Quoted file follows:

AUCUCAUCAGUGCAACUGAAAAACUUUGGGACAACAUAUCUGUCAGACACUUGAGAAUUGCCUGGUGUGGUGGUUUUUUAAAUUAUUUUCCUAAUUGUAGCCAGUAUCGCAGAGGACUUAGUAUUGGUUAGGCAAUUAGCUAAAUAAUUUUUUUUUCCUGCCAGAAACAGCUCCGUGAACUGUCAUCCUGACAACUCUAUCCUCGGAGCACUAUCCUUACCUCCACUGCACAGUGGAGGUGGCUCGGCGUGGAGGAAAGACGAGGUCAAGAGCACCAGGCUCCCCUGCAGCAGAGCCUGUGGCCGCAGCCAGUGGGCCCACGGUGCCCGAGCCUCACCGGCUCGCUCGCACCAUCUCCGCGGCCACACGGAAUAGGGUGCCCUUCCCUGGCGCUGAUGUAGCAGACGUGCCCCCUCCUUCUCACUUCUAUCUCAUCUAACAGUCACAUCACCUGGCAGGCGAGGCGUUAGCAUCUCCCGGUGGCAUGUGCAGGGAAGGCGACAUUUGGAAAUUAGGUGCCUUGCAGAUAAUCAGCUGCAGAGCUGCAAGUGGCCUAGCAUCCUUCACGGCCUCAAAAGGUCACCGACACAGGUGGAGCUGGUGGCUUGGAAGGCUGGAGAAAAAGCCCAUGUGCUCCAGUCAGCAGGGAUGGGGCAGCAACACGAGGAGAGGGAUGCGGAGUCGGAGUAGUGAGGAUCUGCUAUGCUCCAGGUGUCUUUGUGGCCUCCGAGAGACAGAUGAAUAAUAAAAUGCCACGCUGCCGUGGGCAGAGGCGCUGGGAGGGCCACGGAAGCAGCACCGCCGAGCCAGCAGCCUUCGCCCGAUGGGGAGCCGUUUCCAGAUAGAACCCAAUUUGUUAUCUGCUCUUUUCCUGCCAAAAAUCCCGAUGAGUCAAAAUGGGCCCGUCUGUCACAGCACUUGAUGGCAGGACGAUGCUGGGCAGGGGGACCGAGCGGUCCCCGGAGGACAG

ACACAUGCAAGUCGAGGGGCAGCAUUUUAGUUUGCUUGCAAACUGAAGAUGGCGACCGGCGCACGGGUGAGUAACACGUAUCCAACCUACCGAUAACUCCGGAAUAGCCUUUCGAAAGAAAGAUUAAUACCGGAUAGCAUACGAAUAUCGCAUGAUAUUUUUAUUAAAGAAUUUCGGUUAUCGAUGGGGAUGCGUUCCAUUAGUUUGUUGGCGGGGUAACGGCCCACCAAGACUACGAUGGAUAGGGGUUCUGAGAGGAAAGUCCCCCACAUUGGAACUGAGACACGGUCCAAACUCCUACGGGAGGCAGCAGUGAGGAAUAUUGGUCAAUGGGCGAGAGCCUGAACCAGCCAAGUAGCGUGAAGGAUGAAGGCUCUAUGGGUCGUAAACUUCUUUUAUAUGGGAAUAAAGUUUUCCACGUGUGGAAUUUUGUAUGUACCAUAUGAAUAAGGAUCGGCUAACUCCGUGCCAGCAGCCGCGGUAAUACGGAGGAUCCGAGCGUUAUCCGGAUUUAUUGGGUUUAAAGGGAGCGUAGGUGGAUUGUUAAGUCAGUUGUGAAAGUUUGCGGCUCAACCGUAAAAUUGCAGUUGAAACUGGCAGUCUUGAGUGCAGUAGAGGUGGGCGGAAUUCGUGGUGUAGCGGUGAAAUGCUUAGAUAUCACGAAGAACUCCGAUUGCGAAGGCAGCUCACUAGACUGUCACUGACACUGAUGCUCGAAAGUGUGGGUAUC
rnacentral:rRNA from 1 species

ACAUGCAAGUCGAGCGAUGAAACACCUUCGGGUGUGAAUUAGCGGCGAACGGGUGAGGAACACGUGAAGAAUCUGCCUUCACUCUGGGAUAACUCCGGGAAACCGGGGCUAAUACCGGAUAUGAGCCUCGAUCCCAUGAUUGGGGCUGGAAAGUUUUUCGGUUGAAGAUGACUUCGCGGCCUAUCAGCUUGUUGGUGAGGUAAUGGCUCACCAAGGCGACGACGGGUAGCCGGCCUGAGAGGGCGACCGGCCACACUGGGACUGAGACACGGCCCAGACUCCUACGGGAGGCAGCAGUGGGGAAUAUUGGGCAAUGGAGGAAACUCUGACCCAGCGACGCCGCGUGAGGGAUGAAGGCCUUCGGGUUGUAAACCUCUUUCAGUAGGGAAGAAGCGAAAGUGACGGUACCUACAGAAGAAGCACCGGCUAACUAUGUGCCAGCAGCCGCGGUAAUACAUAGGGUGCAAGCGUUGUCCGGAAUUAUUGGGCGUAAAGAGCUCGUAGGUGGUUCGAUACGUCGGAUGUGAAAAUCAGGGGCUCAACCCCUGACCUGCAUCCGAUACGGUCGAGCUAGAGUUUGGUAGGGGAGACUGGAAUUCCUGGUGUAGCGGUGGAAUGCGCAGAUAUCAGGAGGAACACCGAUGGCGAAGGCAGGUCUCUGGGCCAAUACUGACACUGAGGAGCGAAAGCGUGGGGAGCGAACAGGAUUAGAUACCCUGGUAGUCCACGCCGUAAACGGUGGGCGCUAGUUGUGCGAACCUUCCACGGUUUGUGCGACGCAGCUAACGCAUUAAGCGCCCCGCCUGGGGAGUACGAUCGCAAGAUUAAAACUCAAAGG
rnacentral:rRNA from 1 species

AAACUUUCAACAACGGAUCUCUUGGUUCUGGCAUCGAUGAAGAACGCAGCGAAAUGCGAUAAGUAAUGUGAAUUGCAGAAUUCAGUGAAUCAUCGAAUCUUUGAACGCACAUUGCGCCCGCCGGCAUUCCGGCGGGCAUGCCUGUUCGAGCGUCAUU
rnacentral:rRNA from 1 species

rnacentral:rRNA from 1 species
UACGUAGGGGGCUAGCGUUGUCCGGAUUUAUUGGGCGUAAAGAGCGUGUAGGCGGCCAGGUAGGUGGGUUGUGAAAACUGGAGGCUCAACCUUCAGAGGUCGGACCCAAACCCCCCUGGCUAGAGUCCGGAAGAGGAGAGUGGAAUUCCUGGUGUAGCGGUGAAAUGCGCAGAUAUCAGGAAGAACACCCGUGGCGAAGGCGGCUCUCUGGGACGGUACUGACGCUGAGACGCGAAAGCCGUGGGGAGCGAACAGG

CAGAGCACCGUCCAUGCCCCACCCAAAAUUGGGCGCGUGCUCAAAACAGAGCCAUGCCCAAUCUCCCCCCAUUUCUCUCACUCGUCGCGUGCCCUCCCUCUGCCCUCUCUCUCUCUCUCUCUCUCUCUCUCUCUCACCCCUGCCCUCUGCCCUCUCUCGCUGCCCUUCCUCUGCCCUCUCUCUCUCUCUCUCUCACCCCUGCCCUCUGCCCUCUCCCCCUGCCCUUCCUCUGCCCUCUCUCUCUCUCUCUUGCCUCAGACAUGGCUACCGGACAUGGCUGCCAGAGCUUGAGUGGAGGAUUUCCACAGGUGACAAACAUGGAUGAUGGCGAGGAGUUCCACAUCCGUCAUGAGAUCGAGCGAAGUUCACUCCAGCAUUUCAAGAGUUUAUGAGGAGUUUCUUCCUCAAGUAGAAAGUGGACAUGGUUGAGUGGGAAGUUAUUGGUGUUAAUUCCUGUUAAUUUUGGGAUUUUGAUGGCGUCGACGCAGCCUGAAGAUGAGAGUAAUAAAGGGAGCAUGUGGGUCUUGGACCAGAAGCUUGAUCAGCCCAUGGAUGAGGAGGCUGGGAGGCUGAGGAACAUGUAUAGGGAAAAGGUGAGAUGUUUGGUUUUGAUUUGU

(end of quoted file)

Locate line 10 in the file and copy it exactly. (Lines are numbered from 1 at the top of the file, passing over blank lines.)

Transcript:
CAGAGCACCGUCCAUGCCCCACCCAAAAUUGGGCGCGUGCUCAAAACAGAGCCAUGCCCAAUCUCCCCCCAUUUCUCUCACUCGUCGCGUGCCCUCCCUCUGCCCUCUCUCUCUCUCUCUCUCUCUCUCUCUCUCACCCCUGCCCUCUGCCCUCUCUCGCUGCCCUUCCUCUGCCCUCUCUCUCUCUCUCUCUCACCCCUGCCCUCUGCCCUCUCCCCCUGCCCUUCCUCUGCCCUCUCUCUCUCUCUCUUGCCUCAGACAUGGCUACCGGACAUGGCUGCCAGAGCUUGAGUGGAGGAUUUCCACAGGUGACAAACAUGGAUGAUGGCGAGGAGUUCCACAUCCGUCAUGAGAUCGAGCGAAGUUCACUCCAGCAUUUCAAGAGUUUAUGAGGAGUUUCUUCCUCAAGUAGAAAGUGGACAUGGUUGAGUGGGAAGUUAUUGGUGUUAAUUCCUGUUAAUUUUGGGAUUUUGAUGGCGUCGACGCAGCCUGAAGAUGAGAGUAAUAAAGGGAGCAUGUGGGUCUUGGACCAGAAGCUUGAUCAGCCCAUGGAUGAGGAGGCUGGGAGGCUGAGGAACAUGUAUAGGGAAAAGGUGAGAUGUUUGGUUUUGAUUUGU